Pro-LGBT equality protesters
Pro-LGBT equality protesters were waving this flag outside the United States Supreme Court, on Washington, D.C.’s Capitol Hill, on the morning of June 26, 2015. Minutes later, a group of media pages sprinted across the marble plaza, and cries of joy broke out from the crowd as reporters breathlessly announced the Court’s decision in the landmark case Obergefell v. Hodges: same-sex marriage had been ruled a fundamental constitutional right in all 50 states. Photo by Matt Popovich on Unsplash

The Supreme Court ruled that the Civil Rights Act of 1964 known as Title VII also protects LGBTQ+ people from discrimination in employment. Decided by a 6-3 vote, the conservative court condemns bias against workers based on their sexual preference.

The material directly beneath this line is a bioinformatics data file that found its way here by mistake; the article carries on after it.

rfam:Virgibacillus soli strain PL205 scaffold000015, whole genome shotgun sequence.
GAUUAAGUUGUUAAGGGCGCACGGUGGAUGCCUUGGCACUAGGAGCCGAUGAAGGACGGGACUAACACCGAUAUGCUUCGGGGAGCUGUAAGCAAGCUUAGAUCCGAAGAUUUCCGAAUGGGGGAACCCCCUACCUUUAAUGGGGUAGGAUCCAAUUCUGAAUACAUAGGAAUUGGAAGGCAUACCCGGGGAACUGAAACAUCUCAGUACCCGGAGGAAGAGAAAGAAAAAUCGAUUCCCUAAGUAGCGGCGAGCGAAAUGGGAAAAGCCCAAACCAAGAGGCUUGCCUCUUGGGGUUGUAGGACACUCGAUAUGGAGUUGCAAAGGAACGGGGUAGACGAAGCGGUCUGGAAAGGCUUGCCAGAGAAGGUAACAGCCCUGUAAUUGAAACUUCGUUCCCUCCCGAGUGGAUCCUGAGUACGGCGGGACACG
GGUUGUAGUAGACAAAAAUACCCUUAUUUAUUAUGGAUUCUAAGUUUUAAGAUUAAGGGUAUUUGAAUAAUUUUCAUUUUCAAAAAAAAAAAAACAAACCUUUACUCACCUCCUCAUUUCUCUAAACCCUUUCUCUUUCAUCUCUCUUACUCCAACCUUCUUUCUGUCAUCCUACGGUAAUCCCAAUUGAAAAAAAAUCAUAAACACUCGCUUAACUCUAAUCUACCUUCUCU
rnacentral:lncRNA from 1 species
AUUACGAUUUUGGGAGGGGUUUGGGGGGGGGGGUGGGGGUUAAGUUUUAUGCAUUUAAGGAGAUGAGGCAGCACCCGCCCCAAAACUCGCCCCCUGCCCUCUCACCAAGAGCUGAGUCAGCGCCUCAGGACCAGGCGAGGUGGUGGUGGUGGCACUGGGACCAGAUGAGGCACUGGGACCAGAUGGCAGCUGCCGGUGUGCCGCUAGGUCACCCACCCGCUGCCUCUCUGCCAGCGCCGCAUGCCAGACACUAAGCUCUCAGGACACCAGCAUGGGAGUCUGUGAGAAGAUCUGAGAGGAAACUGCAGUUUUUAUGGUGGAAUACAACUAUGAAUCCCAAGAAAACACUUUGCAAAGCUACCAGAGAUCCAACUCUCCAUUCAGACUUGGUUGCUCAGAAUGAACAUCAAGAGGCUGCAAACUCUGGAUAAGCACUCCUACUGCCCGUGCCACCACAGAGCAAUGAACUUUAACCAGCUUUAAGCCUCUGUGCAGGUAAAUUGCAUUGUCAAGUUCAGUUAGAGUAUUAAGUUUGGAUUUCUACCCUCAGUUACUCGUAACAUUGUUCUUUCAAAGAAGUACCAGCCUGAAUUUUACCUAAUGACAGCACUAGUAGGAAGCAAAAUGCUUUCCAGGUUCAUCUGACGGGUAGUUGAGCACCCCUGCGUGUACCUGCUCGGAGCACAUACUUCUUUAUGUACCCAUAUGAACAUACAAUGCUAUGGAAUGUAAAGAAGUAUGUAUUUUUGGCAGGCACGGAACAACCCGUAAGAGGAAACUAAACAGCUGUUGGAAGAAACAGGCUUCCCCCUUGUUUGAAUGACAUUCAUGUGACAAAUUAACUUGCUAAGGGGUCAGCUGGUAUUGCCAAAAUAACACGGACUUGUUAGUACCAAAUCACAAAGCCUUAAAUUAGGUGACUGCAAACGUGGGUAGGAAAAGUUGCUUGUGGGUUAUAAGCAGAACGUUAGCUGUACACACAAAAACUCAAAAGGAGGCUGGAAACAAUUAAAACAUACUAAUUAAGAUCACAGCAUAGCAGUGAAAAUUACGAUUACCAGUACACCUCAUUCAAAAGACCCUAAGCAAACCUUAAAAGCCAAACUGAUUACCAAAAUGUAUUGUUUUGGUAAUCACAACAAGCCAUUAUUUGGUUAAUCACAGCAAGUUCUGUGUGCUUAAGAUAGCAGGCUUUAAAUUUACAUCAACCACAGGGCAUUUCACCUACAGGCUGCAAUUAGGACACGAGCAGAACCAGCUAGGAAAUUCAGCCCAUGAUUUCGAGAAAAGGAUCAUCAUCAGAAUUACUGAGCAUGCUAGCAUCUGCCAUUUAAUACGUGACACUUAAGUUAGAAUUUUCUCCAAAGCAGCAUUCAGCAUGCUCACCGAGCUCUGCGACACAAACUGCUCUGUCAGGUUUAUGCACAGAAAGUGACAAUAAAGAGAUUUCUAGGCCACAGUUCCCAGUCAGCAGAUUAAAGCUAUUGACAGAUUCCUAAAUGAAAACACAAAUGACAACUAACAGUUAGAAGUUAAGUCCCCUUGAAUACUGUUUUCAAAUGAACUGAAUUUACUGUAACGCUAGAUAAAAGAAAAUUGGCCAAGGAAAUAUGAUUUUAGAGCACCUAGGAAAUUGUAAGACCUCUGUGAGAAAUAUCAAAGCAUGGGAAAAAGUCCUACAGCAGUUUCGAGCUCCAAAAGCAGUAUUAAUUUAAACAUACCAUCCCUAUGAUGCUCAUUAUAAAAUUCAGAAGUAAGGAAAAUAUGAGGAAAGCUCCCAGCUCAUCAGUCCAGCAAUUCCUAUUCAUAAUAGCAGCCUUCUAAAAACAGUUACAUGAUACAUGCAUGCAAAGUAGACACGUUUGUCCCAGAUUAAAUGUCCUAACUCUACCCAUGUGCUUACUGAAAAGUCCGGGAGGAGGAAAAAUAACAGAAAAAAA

“An employer who fires an individual for being homosexual or transgender fires that person for traits or actions it would not have questioned in members of a different sex. Sex plays a necessary and undisguisable role in the decision, exactly what Title VII forbids,” Justice Neil Gorsuch wrote for the court, as reported by AP.

However, Justices Samuel Alito, Brett Kavanaugh and Clarence Thomas dissented. “The Court tries to convince readers that it is merely enforcing the terms of the statute, but that is preposterous. Even as understood today, the concept of discrimination because of ‘sex’ is different from discrimination because of ‘sexual orientation’ or ‘gender identity,’” Alito wrote in a dissent.

According to the publication, the decision is expected to have a big impact on the over 8 million LGBTQ+ workers across the nation especially since most states don’t protect them from workplace discrimination.

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